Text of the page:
Sleep

Articles

Research Reveals a Surprising Link Between Melatonin and Type 2 Diabetes

We typically associate the hormone melatonin with sleep. However, melatonin is actually involved in the timing and synchronization of a number of different physiological functions throughout the body. One of these functions is the regulation of blood sugar.

Recent research has found that a relatively large proportion of the human population is genetically predisposed to be more sensitive to the impact of this hormone on blood sugar control. This can lead to higher blood glucose levels, and ultimately greater risk of developing type 2 diabetes.

Here’s how it works, and what you can do about it.


Brainy Beds? Professor David Samson on Sleeping Platforms, Sleep Quality, and Thinking Speed, plus News!

Did our brains evolve as they have due to how we slept? In part, likely yes. In this episode of the humanOS Radio podcast, I speak with Professor David Samson about his research looking at primate sleeping platforms and their potential role to increase the cognitive abilities of certain great apes beyond the capacities of other primates. How does this connection work? The primates who create more comfortable beds for themselves appear to achieve substantial amounts of deep and REM sleep over the night. This is turn may have lead to the expansion of cognitive abilities over time. Can you benefit from the information shared in this discussion to improve your own sleep?


Certain Dietary Fats Disrupt the Coordination of Metabolism, Others Don’t

When the system in our body that controls the timing of our physiology becomes uncoordinated or misaligned, bad things happen. This can happen in several ways.

The most well-understood way is due to big fluctuations in the timing light exposure from day to day. This is why Apple recently introduce night shift to help limit the impact cell phones can contribute to this issue. But big fluctuations in the timing of light exposure is not the only way to misalign our rhythms. The type and timing of dietary fat also impact’s this system.


How Sleep Is Critical for Learning and Remembering – Podcast with Professor Marcos Frank

We do not enter into the world with infinite knowledge of ourselves and our surroundings. We don’t have knowledge or skill to survive, to dance, or to do martial arts with grace and efficiency. We don’t know enough about ourselves or know how to interact best with different types of people we encounter. We don’t know how to accelerate our ability to get better at something. We are born, however, with the capacity to learn and to remember, and by virtue of this skill, we have an incredible potential to do great things.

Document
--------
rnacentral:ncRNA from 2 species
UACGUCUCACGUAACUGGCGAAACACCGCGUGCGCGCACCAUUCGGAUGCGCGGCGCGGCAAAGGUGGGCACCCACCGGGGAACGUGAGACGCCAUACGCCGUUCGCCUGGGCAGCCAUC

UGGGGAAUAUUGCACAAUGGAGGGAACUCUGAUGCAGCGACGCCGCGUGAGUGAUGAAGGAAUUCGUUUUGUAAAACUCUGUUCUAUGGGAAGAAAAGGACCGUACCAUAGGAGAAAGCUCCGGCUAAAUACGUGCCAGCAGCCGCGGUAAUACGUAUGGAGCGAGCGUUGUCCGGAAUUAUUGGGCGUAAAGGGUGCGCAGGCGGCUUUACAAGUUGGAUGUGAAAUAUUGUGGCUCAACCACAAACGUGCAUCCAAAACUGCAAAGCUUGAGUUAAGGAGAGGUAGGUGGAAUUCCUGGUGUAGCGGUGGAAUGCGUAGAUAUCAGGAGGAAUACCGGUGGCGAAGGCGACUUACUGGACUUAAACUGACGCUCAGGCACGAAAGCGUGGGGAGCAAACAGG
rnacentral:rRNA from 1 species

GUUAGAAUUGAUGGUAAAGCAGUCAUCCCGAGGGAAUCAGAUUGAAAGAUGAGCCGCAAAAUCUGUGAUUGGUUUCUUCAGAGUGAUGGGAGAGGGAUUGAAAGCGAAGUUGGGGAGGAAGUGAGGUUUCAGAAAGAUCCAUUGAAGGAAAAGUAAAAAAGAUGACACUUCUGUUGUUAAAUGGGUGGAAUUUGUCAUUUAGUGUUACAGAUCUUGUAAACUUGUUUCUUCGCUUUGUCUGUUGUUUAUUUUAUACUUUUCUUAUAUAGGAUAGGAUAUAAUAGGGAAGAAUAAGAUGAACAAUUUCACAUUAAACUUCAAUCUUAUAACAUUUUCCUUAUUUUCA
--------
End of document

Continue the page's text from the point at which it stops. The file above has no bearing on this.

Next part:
Professor Marcos FrankToday, important stuff happened to you. Tonight, when you sleep, your brain will extend the process of turning that stimulation – the sites, sounds, thoughts, emotions, facts, etc. – into memories that you can access at a moments notice in the future. It’s amazing when you think about it: experiences, facts, skills, and even thought patterns become a part of who we are. How much do you know now that you didn’t know 1o to 15 years ago, or even last week, last month, or yesterday? The process of accumulating information, and accessing when needed, is so routine it’s easy to forget that something is going to make it possible. As it turns out, sleep plays a vital role in the formation of certain types of memories. In this interview, I speak with someone who has made, and continues to make, significant contributions to help the world better understand how all this magic works. My guest is Marcos Frank, Ph.D., who is the Interim Chair of the Department of Biomedical Sciences in the Elson S. Floyd College of Medicine at Washington State University. I hope you enjoy this discussion as much as I did.


When Is the Best Time to Eat?

Around this time of year, much of the world is advancing their clocks by one hour to make efficient use of seasonal daylight. Americans switched to Daylight Savings Time last week, and this week Europeans will revert to Summer Time.

When this happens, we all “lose” an hour of sleep, because we have to get up and get things done an hour earlier than we have been. This is in relation not just to the light and dark cycles of the day, but also to our body clocks.

One hour sounds like a small change, but it can make a big difference in how we function, at least in the short term. For example, data from the past two decades shows that there is a statistically significant spike in the number of car wrecks on the Monday immediately following the shift to Daylight Savings Time in the US.